Lifespan Health System rebranding to Brown University Health amid $150M investment

Providence, Rhode Island-based Lifespan Health System has finalized terms for a rebrand to Brown University Health as it expands upon its 55-year affiliation with the Ivy League.

As part of the arrangement announced Thursday, Brown University has committed to a seven-year, $150 million investment into the nonprofit health system. The money will be used to improve the health system’s infrastructure and recruitment, as well as to fend off the rising cost of care delivery.

“These agreements establish a deeper and important relationship [between] Brown and Lifespan so that we can collaborate more on clinical care, medical education, population health and very importantly research,” John Fernandez, president and CEO of Lifespan, said during a Thursday morning event announcing the agreement. “This is a timely and critical step in our history.”

Lifespan is Rhode Island’s largest health system and employer with five hospitals and about 16,000 employees. Three of those hospitals are academic teaching hospitals with ties to the university, most notably Rhode Island Hospital’s designation as the principal teaching hospital for Brown’s Warren Alpert Medical School.

The boards of both organizations had voted to advance talks on the tighter affiliation last fall. That was about a year and a half after a planned merger between Lifespan and the state’s second-largest health system, Care New England, was headed off by the Federal Trade Commission.

Lifespan and Brown specified that their new arrangement is not a merger and both entities will remain “separate and independent.” Separate reviews conducted by the organizations—including “fruitful discussions with the Attorney General—confirmed the deal does not require any regulatory or legislative approvals, they said.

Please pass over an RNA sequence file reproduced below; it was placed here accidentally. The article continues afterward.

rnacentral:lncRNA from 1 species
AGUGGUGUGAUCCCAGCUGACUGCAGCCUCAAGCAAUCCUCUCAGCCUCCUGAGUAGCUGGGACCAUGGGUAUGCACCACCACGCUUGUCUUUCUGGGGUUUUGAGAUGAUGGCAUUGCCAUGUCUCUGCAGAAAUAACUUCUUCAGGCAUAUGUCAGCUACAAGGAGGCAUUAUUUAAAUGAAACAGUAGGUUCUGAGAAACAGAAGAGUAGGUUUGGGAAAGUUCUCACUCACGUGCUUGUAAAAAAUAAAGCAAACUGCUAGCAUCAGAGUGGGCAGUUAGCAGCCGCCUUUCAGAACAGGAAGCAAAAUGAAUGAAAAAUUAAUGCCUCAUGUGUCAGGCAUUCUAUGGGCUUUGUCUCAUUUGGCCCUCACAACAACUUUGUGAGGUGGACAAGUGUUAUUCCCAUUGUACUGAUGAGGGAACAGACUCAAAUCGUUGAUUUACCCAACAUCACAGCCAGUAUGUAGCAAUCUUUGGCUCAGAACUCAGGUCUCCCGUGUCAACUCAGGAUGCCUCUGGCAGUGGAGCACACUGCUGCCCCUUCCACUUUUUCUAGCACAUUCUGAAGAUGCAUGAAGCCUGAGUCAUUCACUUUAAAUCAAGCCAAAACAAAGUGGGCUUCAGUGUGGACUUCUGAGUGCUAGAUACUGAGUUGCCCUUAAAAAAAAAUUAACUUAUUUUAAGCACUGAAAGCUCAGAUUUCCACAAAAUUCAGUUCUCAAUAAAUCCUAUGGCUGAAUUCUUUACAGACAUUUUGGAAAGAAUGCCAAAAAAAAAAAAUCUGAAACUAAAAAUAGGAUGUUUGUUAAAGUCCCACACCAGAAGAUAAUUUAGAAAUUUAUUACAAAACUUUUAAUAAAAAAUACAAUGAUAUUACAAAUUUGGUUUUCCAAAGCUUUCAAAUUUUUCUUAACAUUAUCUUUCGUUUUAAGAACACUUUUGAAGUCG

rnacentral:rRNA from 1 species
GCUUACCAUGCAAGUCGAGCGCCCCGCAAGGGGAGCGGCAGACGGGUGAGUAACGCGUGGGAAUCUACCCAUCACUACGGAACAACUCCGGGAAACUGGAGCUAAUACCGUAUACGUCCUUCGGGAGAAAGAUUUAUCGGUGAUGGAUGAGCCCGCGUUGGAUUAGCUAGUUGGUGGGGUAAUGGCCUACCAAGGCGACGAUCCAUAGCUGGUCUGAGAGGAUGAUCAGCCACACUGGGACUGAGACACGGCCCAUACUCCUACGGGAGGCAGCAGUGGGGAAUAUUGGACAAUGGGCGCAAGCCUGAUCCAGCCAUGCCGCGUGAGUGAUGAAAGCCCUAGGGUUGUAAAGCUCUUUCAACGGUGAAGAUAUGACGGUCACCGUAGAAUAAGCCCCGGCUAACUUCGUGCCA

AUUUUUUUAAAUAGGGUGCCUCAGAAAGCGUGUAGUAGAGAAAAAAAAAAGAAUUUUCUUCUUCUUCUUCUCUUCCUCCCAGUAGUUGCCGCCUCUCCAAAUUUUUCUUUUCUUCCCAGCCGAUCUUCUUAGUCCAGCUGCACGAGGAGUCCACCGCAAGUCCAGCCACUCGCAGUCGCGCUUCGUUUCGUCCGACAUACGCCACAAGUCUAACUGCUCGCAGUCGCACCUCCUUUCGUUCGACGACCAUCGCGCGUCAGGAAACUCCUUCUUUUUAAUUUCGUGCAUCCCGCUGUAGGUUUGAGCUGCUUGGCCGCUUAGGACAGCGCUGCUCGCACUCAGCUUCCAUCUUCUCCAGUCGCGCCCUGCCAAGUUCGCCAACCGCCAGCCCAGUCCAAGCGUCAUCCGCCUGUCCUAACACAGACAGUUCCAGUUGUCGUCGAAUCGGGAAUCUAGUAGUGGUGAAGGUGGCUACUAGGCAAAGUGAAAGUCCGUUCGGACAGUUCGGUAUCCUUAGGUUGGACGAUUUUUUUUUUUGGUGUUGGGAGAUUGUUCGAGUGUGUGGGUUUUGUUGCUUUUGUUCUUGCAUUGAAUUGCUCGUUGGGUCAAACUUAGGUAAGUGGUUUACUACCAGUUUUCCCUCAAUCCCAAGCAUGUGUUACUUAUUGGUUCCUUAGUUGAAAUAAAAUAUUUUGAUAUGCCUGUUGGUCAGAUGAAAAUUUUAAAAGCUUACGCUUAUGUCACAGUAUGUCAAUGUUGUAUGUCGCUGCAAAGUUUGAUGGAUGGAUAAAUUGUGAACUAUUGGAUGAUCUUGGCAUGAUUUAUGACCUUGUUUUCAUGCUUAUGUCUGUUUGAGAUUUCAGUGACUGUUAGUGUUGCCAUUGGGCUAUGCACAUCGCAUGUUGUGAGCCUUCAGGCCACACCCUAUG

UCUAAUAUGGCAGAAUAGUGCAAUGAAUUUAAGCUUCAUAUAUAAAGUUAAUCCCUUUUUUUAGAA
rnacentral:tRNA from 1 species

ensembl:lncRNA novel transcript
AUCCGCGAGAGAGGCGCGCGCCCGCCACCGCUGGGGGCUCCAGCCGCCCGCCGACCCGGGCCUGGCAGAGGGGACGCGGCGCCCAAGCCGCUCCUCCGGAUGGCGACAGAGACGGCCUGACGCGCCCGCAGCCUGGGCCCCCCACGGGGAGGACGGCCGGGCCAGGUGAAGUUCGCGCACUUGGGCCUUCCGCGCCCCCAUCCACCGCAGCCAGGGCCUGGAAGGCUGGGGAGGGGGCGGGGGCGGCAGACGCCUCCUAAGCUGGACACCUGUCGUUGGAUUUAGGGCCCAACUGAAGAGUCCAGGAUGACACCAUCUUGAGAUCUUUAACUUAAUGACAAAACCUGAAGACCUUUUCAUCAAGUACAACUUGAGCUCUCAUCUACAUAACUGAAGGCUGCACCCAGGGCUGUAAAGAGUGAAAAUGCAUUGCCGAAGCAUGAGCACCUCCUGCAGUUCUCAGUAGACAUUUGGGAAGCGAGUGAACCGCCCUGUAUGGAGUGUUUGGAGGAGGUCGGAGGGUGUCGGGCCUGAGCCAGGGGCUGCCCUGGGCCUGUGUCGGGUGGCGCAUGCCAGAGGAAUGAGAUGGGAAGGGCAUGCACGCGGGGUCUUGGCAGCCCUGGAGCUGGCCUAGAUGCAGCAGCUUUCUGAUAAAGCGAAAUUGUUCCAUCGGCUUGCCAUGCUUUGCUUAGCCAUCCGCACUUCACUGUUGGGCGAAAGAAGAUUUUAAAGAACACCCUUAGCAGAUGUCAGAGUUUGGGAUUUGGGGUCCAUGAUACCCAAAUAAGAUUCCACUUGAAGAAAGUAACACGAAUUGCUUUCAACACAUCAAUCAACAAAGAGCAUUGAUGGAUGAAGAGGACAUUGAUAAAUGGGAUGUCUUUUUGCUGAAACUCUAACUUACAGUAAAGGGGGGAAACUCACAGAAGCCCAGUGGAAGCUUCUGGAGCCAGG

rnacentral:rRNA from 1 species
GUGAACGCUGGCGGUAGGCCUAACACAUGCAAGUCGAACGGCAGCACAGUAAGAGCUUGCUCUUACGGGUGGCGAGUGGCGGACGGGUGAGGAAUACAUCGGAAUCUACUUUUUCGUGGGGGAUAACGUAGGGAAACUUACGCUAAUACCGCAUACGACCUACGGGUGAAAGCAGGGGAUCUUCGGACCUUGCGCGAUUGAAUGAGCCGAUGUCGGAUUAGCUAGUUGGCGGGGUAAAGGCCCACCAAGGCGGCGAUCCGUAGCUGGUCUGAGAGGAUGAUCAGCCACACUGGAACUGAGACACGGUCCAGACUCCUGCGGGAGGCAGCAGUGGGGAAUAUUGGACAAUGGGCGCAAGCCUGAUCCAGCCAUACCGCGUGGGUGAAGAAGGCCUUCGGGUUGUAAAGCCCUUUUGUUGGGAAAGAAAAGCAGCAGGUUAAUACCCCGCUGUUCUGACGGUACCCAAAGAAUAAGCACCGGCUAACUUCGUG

Still, the agreement will create new ex officio spots on Lifespan’s board of directors for Brown’s president and the dean of its medical school. The latter will also be appointed as Lifespan’s chief academic officer.

The new terms also tighten the academic ties between Lifespan hospitals and the medical school. The Warren Alpert Medical School will be the “exclusive” medical school affiliate of Lifespan, which will house 11 of its clinical departments—though the system may still have affiliations with other educational institutions for clinical programs that aren’t offered at Brown.

The planned investments from Brown to Lifespan will begin July 1, 2024, and total between $15 million and $25 million annually. After the 7-year period, Lifespan has agreed to invest $15 million annually into the medical school “to support research and medical education,” the organizations said.

In their announcements, Brown and Lifespan said that the investments will fund strategic initiatives around expanding the health system’s Epic electronic health system, population health programs focused on eliminating health disparities, physician recruitment and “state-of-the-art” clinical training and biomedical research facilities.

The deal will also help support Lifespan’s long-term financial well-being at a time when many health systems are feeling the squeeze, Fernandez added.

“We are taking these actions now because there are a lot of headwinds in healthcare, whether that be inflation, labor shortages, low reimbursement rates—I could go on for days, but I won’t,” the executive said at the announcement event.

Lifespan reported just over $3.1 billion in revenue during its 2023 fiscal year, ended Sept. 30, 2023. Its operating income for that year was a narrow $8.6 million, an improvement over fiscal 2022’s $56 million operating loss. Brown University’s endowment and other managed assets totaled $6.6 billion as of June 30, 2023, which was a $75 million net increase over the prior fiscal year.

Alongside the agreement’s other financial terms, the Brown Investment Office will begin managing about $600 million to $800 million of Lifespan’s investment portfolio, which the university said will create “the capacity for increased returns to support Lifespan’s mission.” The handover will be spread over a four-year period.

As for the rebrand to Brown University Health, the pair haven’t announced a concrete date for the switchover but expect it to land before the end of the year. Though the full effort will take “several years to complete,” the organizations say that the change will bolster recruitment and “reflect the ability to provide medical care of international caliber to Rhode Islanders.”

“The new agreements move the relationship between Brown and Lifespan to a more contemporary model in line with other affiliation agreements we see across the country, where the academic-medical affiliation is reflected through a shared name between the hospital system and the academic institution,” Brown University President Christina Paxson said in a release.